Grape Tannin. Derived from grape skins, adds tannin. At low levels, provides structure to mead. At high levels, adds astringency. Useful for balancing a finished mead, in a similar manner to acid blend. Tannins can help the aging properties of a mead, and can also assist in the clarification process by binding with proteins and precipitating.
Pectic Enzyme. Pectinase, used in some melomels to reduce pectin haze. Use at the beginning of fermentation to help break down fruit and increase extraction. An optional additive, but sometimes encountered in melomel recipes.
Potassium Sorbate. A commercial food preservative used to inhibit mold and yeast growth. Sometimes labeled as Wine Stabilizer, in mead and wine it forms sorbic acid which prevents yeast from budding (reproducing). It will NOT kill yeast or stop actively fermenting yeast. It must be added after fermentation is complete. Sometimes it is used to make sure sweetening a mead won’t restart fermentation. Sorbistat-K is a common brand of potassium sorbate. Usage rate is .5g to .75g per gallon.
Potassium Metabisulfite. Also known as Campden tablets (avoid sodium-based Campden tablets, since they can sometimes give the mead a salty taste). Can be added before fermentation to kill off any wild yeasts or after fermentation to stabilize the product. Also has preservative effects, protecting color. Known as “sulfiting,” this is primarily a winemaker’s technique that many meadmakers do not use. It is often used in conjunction with potassium sorbate to stabilize a mead.
There are certainly other additives that are used, particularly when the meadmaker comes from a winemaking background. Some proprietary products are mentioned, but there are competing products that do similar functions. Look for products that say they are equivalent to the listed proprietary products.
Basic Mead-Making Process
This process covers making traditional mead using what we consider to be best current practices. This is not the easiest way to make mead, but it is what produces the best and most consistent results. You can obviously mix water, honey and yeast and then hope for the best, but this process is tried-and-true. Alternative process control points are discussed in the next section.
This method describes making a five-gallon semi-sweet traditional mead, but identifies where in the process fruit or spices would be added.
- If using fruit, wash, chop and freeze the fruit ahead of time. Thaw before using. See Melomel instructions for further detail.
- Combine the Fermaid-K and DAP. Measure or prepare the potassium source.
- Warm up honey by putting the honey containers in hot water.
- Sanitize a fermenter (carboy or bucket) and any equipment used (wine degasser, stirring spoon, airlock).
- Rehydrate the yeast in water supplemented with the organic nutrient GO-FERM. Dissolve the GO-FERM in 1 pint of 110 °F spring water. When the temperature cools to 104 °F, sprinkle the yeast evenly over the surface of the water without stirring. Wait 15 minutes before pitching.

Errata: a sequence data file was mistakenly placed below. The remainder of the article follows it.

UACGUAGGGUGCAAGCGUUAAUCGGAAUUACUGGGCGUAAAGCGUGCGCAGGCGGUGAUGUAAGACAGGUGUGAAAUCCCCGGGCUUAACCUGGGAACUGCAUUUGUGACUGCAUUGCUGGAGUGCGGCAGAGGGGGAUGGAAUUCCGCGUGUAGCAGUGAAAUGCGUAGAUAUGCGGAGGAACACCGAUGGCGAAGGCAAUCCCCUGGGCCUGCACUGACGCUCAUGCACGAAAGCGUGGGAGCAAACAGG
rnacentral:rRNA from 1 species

- While the yeast is rehydrating, combine the 3.5 gallons of spring water and 18 lbs (1.5 gallons) of wildflower honey in the fermenter. Whip the must together using a drill-mounted wine degasser (Mix-Stir, or equivalent – basically a long rod with paddles on the end that can combine the must).
- Oxygenate the must with pure O2. The length of time will depend on your oxygenation system. You don’t need to fully saturate the must.
- Add ¾ tsp of the Fermaid-K/DAP mixture to the must.
- Pour the yeast solution into the must, stir gently but completely to mix. Install the airlock. Ferment at 65-70 °F.
- After 24 hours, add ¾ tsp of the Fermaid-K/DAP mixture and 2g of the K2CO3 or 10ml of the KOH solution.
- Stir into the must, aerating. If making a melomel, punch down the cap.
- After 48 hours from pitching, add ¾ tsp of the Fermaid-K/DAP mixture and 2g of the
- K2CO3 or 10ml of the KOH solution. Stir into the must, aerating. If making a melomel,
punch down the cap.
- After 72 hours from pitching, add ¾ tsp of the Fermaid-K/DAP mixture and 2g of the
- K2CO3 or 10ml of the KOH solution. Stir into the must, aerating. If making a melomel,
punch down the cap.
- Ferment until activity stops, which should be within 1-2 weeks.
Finishing and Stabilizing
- Transfer to a smaller carboy that can just hold the amount of mead, and put on an airlock.
- If herbs or spices are used, add them now. See Metheglin instructions for further detail.
- Age until the mead clears, or until 2-6 months passes.
- If mead is not brilliantly clear, use 1 package of Super-Kleer K.C., following package instructions.
- Taste and adjust sweetness and acidity. To sweeten, mix in a honey solution (1 cup honey dissolved in 1 cup water, heated), repeating as necessary. To acidify, prepare a solution using acid blend and water and mix in to taste.
- If you wish to stabilize the mead, mix the potassium sorbate (Sorbistat-K) in water to dissolve and then stir into the mead.
- If carbonation is desired, keg and force carbonate.
- Package in bottles or keg.
- Continue to age as desired, or drink now.
Traditional Mead Recipes
Gordon Strong’s Tupelo Mead
Winner of four best-of-show medals
- 20 lbs tupelo honey
- 2 tsp DAP
- 1 tsp Fermaid-K
- 2 Tbsp VL-3C Sauternes yeast
- 4 gallons reverse osmosis water